US supports Ukraine's entry into NATO

Kiev dropped its pursuit of non-bloc status after the US and EU-backed Maidan coup d'etat in February 2014, and has since expressed its intention to join the Western alliance.

Photo: Youtube

Under NATO's rules, countries with territorial disputes with neighbours, and those suffering from civil war, are not eligible to join until these problems are resolved.

The United States supports Ukraine's ambition to join NATO, White House Deputy Press Secretary Karine Jean-Pierre has announced.

"We support it," the spokeswoman said, speaking to reporters aboard Air Force One on route to Lake Charles, Louisiana on Thursday.

"Secretary [of State Antony] Blinken is in Kiev right now to affirm our support for Ukraine's sovereignty, territorial integrity, and independence. His trip also emphasises the importance of Ukraine passing key legislation to advance rule of law, anti-corruption and economic reforms that will strengthen Ukraine's democracy and economy, and further Euro-Atlantic integration," Jean-Pierre said.

"The Biden administration is committed to ensuring that NATO's door remains open to aspirants when they are ready and able to meet the commitments and obligations of membership and contribute to security in the Euro-Atlantic area," she specified. The spokeswoman added that Washington "supports" Ukraine's reforms "and its border fight against Russia aggression."

Jean-Pierre's comments come a week after President Joe Biden told Congress that the US was not seeking an escalation in tensions with Russia, which has repeatedly expressed its concerns about the NATO buildup on its western borders.

Last Friday, acting US Assistant Secretary of State for European and Eurasian affairs Philip Reeker told reporters that Washington was "committed certainly to ensuring that a country like Ukraine can work to meet" NATO's standards for aspirants.

In mid-April, Ukraine's ambassador to Germany warned that Kiev may need to become a nuclear-armed state again for "protection" if the Western Alliance doesn't allow it to become a member in a timely manner.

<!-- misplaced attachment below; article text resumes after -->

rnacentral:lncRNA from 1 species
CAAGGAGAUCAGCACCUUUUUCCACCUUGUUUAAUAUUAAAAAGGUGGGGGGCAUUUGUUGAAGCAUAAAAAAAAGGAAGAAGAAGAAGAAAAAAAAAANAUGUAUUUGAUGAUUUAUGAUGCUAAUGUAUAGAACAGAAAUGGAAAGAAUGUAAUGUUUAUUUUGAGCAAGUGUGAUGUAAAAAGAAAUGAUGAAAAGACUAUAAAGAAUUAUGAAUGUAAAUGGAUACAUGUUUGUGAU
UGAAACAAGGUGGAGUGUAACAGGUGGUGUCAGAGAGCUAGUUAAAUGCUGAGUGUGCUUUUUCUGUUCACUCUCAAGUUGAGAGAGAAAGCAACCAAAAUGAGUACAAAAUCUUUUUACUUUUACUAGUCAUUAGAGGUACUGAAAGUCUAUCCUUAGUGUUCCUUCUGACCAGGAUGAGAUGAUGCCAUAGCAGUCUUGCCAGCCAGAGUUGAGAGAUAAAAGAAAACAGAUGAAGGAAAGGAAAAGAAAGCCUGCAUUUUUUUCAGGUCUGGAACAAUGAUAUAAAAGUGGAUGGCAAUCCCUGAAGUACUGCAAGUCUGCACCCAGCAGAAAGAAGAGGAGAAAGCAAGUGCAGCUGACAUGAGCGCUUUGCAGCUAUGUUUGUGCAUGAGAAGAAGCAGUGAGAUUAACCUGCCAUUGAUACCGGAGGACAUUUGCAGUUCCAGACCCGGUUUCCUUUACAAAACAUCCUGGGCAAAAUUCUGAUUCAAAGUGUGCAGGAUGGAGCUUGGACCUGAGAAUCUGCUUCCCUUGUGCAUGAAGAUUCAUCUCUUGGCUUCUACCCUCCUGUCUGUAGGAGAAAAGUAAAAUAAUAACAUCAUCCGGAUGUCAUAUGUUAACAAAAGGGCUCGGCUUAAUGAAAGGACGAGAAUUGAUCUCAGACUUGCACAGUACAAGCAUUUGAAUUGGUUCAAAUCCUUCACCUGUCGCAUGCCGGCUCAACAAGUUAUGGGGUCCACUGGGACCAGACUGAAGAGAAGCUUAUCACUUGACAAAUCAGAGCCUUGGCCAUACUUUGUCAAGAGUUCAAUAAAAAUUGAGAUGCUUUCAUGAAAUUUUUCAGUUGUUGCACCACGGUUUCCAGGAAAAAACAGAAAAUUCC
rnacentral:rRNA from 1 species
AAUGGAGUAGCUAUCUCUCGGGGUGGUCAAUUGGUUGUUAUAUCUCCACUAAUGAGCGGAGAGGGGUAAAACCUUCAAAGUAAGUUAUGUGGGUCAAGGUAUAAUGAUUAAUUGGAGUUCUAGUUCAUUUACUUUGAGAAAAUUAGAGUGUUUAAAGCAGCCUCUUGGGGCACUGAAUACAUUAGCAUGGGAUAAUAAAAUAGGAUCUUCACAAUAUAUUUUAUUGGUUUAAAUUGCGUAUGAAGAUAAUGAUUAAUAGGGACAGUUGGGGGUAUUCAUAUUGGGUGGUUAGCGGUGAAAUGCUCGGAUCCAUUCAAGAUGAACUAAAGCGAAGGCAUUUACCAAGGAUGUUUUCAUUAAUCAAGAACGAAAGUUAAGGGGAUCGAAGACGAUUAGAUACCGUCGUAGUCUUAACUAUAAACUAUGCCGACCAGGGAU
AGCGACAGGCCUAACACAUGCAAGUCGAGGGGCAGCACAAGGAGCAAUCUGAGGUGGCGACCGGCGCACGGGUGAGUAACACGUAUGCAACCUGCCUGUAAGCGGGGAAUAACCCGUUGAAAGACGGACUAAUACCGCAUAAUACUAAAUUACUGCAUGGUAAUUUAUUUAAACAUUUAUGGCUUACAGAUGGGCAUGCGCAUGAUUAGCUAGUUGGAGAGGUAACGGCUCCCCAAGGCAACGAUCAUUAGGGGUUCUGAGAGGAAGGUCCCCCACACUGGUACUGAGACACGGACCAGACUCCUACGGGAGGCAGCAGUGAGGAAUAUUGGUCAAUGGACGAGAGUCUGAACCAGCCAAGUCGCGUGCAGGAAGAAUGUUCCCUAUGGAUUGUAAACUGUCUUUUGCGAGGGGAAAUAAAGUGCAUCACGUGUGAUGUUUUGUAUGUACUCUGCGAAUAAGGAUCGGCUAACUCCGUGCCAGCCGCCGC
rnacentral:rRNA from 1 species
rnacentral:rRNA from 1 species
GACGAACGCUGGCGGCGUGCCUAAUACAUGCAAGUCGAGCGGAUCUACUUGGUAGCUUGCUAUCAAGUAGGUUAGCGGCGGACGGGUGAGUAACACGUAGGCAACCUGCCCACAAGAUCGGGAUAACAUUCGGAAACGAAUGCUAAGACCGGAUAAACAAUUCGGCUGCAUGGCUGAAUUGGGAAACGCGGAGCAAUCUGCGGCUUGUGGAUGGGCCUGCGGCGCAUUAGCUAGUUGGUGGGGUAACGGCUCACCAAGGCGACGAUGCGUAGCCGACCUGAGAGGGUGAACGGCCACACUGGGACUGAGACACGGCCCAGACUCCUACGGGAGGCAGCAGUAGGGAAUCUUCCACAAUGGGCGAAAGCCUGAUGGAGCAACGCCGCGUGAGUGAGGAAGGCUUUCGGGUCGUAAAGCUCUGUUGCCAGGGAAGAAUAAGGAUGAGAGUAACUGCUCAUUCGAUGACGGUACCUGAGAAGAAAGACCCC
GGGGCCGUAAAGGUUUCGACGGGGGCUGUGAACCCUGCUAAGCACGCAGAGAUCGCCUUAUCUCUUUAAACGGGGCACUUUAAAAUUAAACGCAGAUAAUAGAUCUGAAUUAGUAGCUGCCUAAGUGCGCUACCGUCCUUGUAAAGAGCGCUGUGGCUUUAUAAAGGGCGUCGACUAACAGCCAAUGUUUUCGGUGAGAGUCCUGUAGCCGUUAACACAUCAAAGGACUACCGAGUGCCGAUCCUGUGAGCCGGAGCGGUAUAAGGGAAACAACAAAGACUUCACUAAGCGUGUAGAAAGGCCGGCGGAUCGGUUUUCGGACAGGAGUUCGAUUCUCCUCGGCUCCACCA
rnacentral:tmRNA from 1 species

Ukraine scrapped its commitment to non-bloc status in the aftermath of the Western back coup in Kiev in 2014, which overthrew the unpopular but democratically-elected government of President Viktor Yanukovych and Prime Minister Nikolai Azarov. After the coup, the Crimean referendum to secede from Ukraine and rejoin Russia, and the breakout of a civil war in the country's east, the Ukrainian government reactivated shelved plans to join the alliance.

In June 2020, NATO recognised Ukraine as an "enhanced opportunities partner," pointing to its provision of troops to alliance operations in Afghanistan and Kosovo, involvement in drills, and contributions to the NATO Response Force. Ukraine does not presently meet the Western alliance's terms for membership, which ostensibly include "a functioning democratic political system based on a market economy; fair treatment of minority populations; a commitment to resolve conflicts peacefully; an ability and willingness to make a military contribution to NATO operations; and a commitment to democratic civil-military relations and institutions."

Last month, Russian Foreign Ministry spokeswoman Maria Zakharova said that any "hypothetical" Ukrainian membership in NATO would lead to a large-scale escalation of the frozen war in the country's east, and warned that it "may lead to irreversible consequences for Ukrainian statehood," presumably because millions of Ukrainians, particularly in the country's east and south, oppose membership in the alliance.

NATO was formed in 1949 during the intensification of the Cold War between the United States and the Soviet Union. In 1990, at the end of the Cold War US Secretary of State James Baker made a verbal commitment to Soviet leader Mikhail Gorbachev promising that the alliance would "not" expand "one inch eastward" beyond the former East Germany following its annexation by the Federal Republic. Since that time, NATO has expanded into every former member of the Moscow-led Warsaw Pact alliance, plus the three Baltic republics of the former Soviet Union, and four republics of the former Yugoslavia.

source: Sputnik

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